(Cape Mercury)
The town was grieved yesterday (Tuesday) to hear that this gallant and well-known officer was dead, though the news had been expected, the medical reports for some time having been very unsatisfactory. Much sympathy is felt for those who have thus lost a beloved relative and an honoured friend.
Major BAILIE joined the Frontier Armed and Mounted Police, under Sir Walter CURRIE, in the year 1855, and was promoted sub-inspector in 1858, and inspector in 1871; doing good service in the Districts of Albany, Fort Beaufort, Queenstown, Peddie and various other parts of the colony. He commanded No. 6 troop for many years, and in testimony of their esteem for him, the non-commissioned officers and men of the troop presented him with a valuable silver service. In 1873 he marched through the Maluties to Basutoland, to assist in the interception and capture of the notorious rebel, Chief Langalabillele, and was fortunate enough to personally arrest him in Basutoland in presence of Colonel GRIFFITHS, then Governor’s agent in Basutoland. At the outbreak of the Gcaleka war in 1877 he was stationed in Tembuland and it is well known to everyone acquainted with the history of it, of what value his services were to the Government during that war. For months together he never knew what it was to have any covering but his blanket, which no doubt laid the foundations of the disease that has brought him to a premature death. (This we learn has been certified by three medical men by post mortem examination, which was held at the dying request of Major BAILIE). At this time his family was at Fort Beaufort and he never had a chance of getting out of the field to see them for sixteen months, during which time his younger children had quite forgotten him, and upon his arrival fled from him instead of running to him and embracing him, and we are told repeatedly asked when ‘that man’ was going away again. In July 1880 he marched at the head of the Right Wing of the C.M. R. under Colonel BAYLY to Basutoland, where he was again absent from his family for eighteen months, and during those trying times and exposures his health thoroughly broke down, and he consequently died after a painful illness on Tuesday morning last at the early age of 48. He leaves a widow and seven children, only one of which is yet capable of earning anything for himself or his mother and her little ones. A life like this has been sacrificed for the country. The same energy and devotion to business would have earned a fortune and it is the duty of the country to see that the family are comfortably provided for. What the colony owes cannot be estimated in money, and we trust the Government will next session follow well established precedents and provide such a pension as will allow Mrs. BAILIE to educate her family, some of whom may probably enter the civil or military service.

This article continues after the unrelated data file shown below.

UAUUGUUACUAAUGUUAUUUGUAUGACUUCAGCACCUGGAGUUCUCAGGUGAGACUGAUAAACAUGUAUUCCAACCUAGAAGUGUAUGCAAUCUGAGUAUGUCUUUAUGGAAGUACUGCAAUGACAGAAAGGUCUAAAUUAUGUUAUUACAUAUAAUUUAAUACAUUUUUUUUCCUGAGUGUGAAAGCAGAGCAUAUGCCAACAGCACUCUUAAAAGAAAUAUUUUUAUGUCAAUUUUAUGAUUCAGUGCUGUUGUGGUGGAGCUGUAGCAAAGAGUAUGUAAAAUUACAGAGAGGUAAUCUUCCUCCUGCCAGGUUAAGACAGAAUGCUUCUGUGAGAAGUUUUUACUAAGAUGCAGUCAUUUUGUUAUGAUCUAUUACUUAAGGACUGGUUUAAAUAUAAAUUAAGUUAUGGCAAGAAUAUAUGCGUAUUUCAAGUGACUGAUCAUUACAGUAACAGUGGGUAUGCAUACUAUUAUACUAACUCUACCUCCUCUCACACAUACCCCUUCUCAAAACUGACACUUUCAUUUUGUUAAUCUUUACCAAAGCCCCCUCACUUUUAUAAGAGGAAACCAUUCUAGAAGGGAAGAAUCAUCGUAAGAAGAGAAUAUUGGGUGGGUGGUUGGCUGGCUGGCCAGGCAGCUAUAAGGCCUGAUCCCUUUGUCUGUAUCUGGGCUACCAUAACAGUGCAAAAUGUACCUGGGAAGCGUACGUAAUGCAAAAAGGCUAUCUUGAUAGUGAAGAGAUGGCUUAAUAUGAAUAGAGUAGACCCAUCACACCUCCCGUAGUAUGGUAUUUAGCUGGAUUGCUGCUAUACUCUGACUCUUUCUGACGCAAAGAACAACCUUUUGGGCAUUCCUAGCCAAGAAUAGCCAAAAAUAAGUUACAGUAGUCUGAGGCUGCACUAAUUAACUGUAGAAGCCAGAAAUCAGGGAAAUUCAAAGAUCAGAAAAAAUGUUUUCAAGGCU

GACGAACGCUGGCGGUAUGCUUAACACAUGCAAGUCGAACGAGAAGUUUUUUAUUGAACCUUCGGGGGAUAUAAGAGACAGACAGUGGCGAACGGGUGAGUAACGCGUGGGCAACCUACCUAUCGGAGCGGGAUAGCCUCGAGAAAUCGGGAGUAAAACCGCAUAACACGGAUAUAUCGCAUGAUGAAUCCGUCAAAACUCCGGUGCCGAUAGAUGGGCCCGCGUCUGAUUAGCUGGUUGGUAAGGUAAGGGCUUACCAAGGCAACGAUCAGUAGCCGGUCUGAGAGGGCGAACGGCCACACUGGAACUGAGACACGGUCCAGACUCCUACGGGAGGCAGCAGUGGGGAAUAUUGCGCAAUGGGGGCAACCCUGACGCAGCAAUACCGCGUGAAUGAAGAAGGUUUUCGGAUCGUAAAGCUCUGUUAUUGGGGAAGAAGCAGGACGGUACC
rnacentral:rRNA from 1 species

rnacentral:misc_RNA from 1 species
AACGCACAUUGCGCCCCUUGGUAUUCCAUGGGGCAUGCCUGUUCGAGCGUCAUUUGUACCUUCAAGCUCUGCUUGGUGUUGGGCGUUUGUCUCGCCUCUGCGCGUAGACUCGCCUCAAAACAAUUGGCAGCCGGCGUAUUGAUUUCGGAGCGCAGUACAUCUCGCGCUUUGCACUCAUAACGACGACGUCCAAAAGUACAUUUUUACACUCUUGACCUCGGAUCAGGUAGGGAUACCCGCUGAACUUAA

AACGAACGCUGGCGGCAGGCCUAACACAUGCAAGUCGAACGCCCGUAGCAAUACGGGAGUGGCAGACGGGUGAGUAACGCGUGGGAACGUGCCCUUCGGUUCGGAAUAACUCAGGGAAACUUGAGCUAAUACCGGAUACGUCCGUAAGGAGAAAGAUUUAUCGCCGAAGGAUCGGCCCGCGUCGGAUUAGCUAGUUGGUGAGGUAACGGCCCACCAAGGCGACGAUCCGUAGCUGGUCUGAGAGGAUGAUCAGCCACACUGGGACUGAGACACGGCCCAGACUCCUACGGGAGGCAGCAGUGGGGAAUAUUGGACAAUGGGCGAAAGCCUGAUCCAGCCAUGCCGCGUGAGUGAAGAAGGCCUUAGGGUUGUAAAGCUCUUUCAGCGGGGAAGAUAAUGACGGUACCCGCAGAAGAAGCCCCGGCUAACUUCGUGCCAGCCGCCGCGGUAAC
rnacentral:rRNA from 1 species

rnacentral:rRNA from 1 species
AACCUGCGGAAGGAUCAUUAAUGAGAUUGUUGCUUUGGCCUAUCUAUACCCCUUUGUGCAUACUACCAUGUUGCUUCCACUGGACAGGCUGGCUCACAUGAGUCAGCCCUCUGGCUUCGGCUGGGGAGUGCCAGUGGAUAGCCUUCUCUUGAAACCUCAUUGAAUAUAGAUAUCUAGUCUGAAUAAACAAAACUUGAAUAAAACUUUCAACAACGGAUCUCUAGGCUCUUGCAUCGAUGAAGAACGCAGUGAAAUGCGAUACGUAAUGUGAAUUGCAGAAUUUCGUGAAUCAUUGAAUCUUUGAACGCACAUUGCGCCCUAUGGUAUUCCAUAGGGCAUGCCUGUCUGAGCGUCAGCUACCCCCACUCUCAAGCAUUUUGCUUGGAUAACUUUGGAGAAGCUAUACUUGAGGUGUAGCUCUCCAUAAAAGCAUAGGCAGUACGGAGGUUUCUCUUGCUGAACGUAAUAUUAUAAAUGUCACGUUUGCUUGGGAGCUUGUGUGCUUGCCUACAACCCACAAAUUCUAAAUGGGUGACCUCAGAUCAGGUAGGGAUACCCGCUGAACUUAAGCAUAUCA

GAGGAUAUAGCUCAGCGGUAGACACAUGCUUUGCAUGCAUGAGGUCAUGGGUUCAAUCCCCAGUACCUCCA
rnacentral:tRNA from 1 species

Saturday 28 April 1883